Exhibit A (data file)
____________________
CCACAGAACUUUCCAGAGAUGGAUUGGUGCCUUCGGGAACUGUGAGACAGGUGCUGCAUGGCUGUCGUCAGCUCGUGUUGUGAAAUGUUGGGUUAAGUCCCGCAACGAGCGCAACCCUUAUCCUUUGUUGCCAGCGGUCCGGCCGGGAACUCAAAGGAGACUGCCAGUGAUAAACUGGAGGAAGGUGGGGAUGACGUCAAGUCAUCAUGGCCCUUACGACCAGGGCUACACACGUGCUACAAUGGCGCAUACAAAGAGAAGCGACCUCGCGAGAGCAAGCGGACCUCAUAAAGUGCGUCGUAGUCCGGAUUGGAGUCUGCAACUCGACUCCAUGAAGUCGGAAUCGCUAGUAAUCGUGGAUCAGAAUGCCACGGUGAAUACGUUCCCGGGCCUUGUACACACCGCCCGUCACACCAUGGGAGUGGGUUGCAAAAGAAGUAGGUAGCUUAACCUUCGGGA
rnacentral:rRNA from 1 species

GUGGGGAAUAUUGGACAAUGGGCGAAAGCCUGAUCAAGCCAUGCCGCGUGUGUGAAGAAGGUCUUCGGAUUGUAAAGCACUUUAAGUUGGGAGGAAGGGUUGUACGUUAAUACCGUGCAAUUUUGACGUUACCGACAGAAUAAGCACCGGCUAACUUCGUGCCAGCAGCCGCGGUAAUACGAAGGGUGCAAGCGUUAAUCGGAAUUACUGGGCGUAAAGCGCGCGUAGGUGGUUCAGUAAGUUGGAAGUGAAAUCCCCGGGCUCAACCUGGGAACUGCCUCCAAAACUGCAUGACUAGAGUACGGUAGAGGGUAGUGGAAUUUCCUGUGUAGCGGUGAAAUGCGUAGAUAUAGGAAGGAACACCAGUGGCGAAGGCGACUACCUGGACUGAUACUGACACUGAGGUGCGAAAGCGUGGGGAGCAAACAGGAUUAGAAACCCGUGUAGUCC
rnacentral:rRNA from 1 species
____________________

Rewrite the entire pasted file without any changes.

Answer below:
CCACAGAACUUUCCAGAGAUGGAUUGGUGCCUUCGGGAACUGUGAGACAGGUGCUGCAUGGCUGUCGUCAGCUCGUGUUGUGAAAUGUUGGGUUAAGUCCCGCAACGAGCGCAACCCUUAUCCUUUGUUGCCAGCGGUCCGGCCGGGAACUCAAAGGAGACUGCCAGUGAUAAACUGGAGGAAGGUGGGGAUGACGUCAAGUCAUCAUGGCCCUUACGACCAGGGCUACACACGUGCUACAAUGGCGCAUACAAAGAGAAGCGACCUCGCGAGAGCAAGCGGACCUCAUAAAGUGCGUCGUAGUCCGGAUUGGAGUCUGCAACUCGACUCCAUGAAGUCGGAAUCGCUAGUAAUCGUGGAUCAGAAUGCCACGGUGAAUACGUUCCCGGGCCUUGUACACACCGCCCGUCACACCAUGGGAGUGGGUUGCAAAAGAAGUAGGUAGCUUAACCUUCGGGA
rnacentral:rRNA from 1 species

GUGGGGAAUAUUGGACAAUGGGCGAAAGCCUGAUCAAGCCAUGCCGCGUGUGUGAAGAAGGUCUUCGGAUUGUAAAGCACUUUAAGUUGGGAGGAAGGGUUGUACGUUAAUACCGUGCAAUUUUGACGUUACCGACAGAAUAAGCACCGGCUAACUUCGUGCCAGCAGCCGCGGUAAUACGAAGGGUGCAAGCGUUAAUCGGAAUUACUGGGCGUAAAGCGCGCGUAGGUGGUUCAGUAAGUUGGAAGUGAAAUCCCCGGGCUCAACCUGGGAACUGCCUCCAAAACUGCAUGACUAGAGUACGGUAGAGGGUAGUGGAAUUUCCUGUGUAGCGGUGAAAUGCGUAGAUAUAGGAAGGAACACCAGUGGCGAAGGCGACUACCUGGACUGAUACUGACACUGAGGUGCGAAAGCGUGGGGAGCAAACAGGAUUAGAAACCCGUGUAGUCC
rnacentral:rRNA from 1 species